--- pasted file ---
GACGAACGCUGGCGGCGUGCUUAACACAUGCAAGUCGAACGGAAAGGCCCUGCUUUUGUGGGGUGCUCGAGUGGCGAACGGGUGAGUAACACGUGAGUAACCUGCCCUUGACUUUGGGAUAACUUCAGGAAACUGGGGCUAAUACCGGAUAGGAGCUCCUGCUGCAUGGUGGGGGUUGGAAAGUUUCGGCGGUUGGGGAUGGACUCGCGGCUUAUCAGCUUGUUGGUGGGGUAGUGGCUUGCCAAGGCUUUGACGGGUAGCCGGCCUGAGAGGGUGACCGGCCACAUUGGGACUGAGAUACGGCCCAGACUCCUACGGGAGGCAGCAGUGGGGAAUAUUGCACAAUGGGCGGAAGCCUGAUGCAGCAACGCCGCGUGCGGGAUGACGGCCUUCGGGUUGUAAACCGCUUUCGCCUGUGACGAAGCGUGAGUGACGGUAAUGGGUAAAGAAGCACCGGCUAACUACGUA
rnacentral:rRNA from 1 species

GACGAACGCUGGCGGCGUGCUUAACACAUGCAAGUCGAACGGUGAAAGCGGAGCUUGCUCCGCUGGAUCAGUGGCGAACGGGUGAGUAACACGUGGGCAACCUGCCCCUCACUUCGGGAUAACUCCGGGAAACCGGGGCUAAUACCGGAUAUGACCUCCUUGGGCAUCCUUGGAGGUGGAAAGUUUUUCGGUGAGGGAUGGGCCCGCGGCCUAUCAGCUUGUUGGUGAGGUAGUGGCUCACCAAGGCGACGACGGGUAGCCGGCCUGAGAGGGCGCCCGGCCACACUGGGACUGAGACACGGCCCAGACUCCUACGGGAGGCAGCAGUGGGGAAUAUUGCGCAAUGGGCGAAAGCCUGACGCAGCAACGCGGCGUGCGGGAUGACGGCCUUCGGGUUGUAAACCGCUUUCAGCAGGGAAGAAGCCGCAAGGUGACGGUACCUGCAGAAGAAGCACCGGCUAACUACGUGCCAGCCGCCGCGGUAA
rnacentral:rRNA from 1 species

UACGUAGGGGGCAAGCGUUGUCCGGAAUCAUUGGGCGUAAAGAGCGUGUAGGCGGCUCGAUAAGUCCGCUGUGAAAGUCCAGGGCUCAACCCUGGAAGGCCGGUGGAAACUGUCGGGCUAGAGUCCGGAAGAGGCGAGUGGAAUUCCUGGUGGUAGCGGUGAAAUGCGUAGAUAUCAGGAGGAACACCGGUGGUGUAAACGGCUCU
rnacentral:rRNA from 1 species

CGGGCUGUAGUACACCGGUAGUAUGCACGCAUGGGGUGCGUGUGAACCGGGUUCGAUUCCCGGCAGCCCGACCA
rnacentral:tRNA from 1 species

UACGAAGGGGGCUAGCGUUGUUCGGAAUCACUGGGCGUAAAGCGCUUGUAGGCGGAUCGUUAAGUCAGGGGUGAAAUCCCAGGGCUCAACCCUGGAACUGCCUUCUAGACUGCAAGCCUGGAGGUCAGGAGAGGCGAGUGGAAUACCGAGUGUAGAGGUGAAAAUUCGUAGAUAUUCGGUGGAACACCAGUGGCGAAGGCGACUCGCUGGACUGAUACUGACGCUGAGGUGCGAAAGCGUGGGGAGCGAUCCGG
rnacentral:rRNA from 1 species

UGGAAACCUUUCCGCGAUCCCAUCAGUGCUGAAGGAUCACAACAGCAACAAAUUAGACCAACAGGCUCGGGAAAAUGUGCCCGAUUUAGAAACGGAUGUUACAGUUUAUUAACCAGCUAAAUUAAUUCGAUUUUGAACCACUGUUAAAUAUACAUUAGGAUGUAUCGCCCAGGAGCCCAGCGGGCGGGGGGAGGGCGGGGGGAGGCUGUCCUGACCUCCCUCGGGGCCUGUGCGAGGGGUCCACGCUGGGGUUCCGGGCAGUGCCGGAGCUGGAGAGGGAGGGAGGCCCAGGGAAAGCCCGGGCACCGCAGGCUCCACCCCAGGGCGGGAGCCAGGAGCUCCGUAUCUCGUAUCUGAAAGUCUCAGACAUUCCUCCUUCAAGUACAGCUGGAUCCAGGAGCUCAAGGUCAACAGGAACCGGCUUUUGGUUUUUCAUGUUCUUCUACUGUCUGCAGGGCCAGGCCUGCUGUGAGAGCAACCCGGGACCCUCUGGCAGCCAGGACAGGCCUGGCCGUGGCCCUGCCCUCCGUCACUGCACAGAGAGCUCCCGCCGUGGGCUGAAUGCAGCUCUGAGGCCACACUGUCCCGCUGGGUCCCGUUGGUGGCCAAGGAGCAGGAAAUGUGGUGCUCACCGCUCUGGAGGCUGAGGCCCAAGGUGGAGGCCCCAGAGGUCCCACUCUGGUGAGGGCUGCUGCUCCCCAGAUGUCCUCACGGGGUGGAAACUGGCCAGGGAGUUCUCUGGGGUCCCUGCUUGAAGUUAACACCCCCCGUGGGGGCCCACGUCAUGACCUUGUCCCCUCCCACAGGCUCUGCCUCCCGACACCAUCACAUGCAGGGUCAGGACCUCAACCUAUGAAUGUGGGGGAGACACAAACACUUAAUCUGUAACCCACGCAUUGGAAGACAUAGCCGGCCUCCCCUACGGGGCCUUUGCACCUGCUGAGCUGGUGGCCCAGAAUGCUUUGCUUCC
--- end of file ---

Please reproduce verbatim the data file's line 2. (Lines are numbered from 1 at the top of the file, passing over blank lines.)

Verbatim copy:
rnacentral:rRNA from 1 species